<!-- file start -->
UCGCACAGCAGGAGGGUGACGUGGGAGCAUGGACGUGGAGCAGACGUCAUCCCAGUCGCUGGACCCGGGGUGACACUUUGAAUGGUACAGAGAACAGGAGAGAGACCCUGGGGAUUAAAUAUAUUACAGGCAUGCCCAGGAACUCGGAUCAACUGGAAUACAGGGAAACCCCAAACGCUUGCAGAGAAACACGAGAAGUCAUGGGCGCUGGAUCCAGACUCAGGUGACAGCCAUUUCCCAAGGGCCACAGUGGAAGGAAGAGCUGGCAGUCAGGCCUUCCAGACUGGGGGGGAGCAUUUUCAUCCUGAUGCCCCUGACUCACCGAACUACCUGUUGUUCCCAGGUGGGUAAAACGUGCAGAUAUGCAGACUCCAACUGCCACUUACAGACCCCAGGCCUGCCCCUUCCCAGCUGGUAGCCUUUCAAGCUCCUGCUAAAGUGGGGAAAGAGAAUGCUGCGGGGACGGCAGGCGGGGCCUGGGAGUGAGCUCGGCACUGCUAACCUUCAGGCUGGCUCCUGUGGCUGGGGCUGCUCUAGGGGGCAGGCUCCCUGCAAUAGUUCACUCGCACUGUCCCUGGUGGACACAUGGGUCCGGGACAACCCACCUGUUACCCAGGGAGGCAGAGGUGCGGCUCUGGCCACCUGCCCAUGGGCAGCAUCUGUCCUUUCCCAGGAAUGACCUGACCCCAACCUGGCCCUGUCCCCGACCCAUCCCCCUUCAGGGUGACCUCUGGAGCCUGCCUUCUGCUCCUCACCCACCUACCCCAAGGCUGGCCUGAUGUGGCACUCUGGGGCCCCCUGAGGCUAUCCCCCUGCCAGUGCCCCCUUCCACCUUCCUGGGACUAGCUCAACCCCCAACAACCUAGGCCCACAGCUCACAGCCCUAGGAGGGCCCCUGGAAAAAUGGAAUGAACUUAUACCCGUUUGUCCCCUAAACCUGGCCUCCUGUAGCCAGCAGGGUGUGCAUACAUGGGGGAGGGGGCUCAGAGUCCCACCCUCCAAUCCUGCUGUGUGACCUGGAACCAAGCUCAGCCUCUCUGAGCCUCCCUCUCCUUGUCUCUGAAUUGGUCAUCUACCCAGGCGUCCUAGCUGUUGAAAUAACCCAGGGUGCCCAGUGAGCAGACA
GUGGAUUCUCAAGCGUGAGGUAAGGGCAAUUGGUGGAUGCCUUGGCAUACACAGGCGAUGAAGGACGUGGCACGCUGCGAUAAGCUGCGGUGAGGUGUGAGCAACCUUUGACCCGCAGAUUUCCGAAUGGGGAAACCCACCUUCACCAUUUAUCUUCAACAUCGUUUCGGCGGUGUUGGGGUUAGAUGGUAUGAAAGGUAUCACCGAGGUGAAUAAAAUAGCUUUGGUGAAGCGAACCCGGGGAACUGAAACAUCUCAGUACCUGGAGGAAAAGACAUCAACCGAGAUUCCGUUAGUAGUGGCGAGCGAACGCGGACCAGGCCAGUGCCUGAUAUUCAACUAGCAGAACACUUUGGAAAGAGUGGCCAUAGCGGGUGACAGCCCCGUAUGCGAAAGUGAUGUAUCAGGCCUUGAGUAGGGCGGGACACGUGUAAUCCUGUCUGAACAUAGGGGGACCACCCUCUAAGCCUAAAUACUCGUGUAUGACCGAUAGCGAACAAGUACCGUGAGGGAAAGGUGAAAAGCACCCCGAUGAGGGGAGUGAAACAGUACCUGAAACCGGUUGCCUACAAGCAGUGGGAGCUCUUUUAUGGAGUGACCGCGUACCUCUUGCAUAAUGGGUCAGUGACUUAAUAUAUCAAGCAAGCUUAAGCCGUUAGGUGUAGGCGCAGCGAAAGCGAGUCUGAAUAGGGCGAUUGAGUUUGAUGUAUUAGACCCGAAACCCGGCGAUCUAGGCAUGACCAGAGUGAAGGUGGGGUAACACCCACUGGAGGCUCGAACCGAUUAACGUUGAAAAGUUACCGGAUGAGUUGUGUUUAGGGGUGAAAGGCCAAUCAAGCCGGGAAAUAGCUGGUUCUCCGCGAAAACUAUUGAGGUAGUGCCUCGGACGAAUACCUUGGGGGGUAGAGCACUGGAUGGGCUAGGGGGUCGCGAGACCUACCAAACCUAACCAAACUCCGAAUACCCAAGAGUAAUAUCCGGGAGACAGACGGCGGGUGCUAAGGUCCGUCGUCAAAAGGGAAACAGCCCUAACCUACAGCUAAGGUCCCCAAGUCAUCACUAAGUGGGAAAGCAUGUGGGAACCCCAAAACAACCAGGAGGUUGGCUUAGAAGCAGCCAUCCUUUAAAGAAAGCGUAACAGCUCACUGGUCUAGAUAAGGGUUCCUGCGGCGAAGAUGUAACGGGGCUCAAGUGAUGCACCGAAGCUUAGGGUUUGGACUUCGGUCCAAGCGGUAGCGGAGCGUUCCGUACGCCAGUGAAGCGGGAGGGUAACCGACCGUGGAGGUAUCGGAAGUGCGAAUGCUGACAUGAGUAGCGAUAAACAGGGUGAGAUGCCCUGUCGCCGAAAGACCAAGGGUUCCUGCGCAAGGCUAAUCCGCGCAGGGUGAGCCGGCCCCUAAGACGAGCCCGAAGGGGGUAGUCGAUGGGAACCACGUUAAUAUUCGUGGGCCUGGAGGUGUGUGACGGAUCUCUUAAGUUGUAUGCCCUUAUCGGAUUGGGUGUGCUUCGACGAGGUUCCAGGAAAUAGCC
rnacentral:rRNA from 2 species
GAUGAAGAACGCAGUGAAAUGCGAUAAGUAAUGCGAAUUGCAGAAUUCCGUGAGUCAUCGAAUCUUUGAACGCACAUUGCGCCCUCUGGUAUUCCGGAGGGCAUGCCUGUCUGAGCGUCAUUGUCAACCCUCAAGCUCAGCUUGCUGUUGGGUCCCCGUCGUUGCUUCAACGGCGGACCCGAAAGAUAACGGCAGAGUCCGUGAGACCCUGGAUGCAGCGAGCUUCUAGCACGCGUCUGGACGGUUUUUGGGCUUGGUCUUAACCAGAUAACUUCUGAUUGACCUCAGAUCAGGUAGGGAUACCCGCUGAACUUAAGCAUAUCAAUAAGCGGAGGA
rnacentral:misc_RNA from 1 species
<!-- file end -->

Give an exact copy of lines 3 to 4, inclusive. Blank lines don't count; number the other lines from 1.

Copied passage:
rnacentral:rRNA from 2 species
GAUGAAGAACGCAGUGAAAUGCGAUAAGUAAUGCGAAUUGCAGAAUUCCGUGAGUCAUCGAAUCUUUGAACGCACAUUGCGCCCUCUGGUAUUCCGGAGGGCAUGCCUGUCUGAGCGUCAUUGUCAACCCUCAAGCUCAGCUUGCUGUUGGGUCCCCGUCGUUGCUUCAACGGCGGACCCGAAAGAUAACGGCAGAGUCCGUGAGACCCUGGAUGCAGCGAGCUUCUAGCACGCGUCUGGACGGUUUUUGGGCUUGGUCUUAACCAGAUAACUUCUGAUUGACCUCAGAUCAGGUAGGGAUACCCGCUGAACUUAAGCAUAUCAAUAAGCGGAGGA